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In 2001, Freestyle, a survey exhibition curated by Thelma Golden at the Studio Museum in Harlem, introduced both a young generation of artists of African descent and the ambitious yet knowingly opaque term post-black to a pre 9-11 and pre-Obama world. In Taking Stakes in the Unknown, Nana Adusei-Poku contextualizes the term post-black in its socio-historical and cultural context. Whilst exploring its present legacy and past potential, she examines works by artists who were defined as part of the post-black generation: Mark Bradford, Leslie Hewitt, Mickalene Thomas and Hank Willis Thomas - and, by expanding the scope of the definition, the Black German artist Philip Metz.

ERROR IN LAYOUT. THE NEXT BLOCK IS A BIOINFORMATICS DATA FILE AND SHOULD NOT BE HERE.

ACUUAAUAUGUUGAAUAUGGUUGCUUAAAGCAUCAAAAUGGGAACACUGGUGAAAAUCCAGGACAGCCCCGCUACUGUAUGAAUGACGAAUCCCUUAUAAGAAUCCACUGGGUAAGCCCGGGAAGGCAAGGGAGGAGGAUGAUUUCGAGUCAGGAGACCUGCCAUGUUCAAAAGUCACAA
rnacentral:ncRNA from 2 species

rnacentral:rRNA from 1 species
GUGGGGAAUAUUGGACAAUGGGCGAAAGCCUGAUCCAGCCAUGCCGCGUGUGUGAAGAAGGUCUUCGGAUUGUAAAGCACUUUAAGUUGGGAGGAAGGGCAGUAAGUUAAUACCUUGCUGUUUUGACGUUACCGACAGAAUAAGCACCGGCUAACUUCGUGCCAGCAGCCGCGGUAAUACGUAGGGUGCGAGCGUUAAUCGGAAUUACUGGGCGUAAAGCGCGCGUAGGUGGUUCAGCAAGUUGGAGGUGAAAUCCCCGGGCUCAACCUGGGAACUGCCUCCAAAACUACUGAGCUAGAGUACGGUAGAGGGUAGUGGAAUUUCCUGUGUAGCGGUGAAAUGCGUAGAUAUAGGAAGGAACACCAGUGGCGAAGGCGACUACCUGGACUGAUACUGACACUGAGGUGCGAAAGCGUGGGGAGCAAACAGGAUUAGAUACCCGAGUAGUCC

Nana Adusei-Poku (PhD) is a Senior Academic Advisor and Luma Fellow at the Center for Curatorial Studies and Contemporary Art at Bard College. She received her PhD from Humboldt University Berlin. Her main research interests are cultural shifts and how they articulate themselves through the intersections of art, politics, and popular culture; artistic productions from the Black diasporas and critical pedagogy in relationship to decolonial aesthetics. She has articulated these interests through her academic work, the development of performative Lectures & Workshops as well as curatorial projects. Her articles have been published in Nka- Journal of Contemporary African Art, eflux, Kunstforum International, Flashart!, L'Internationale, multidudes, Darkmatter, Afterall and Yale Theater Magazine a.o. and translated into English, German, Portuguese, French and Swedish.
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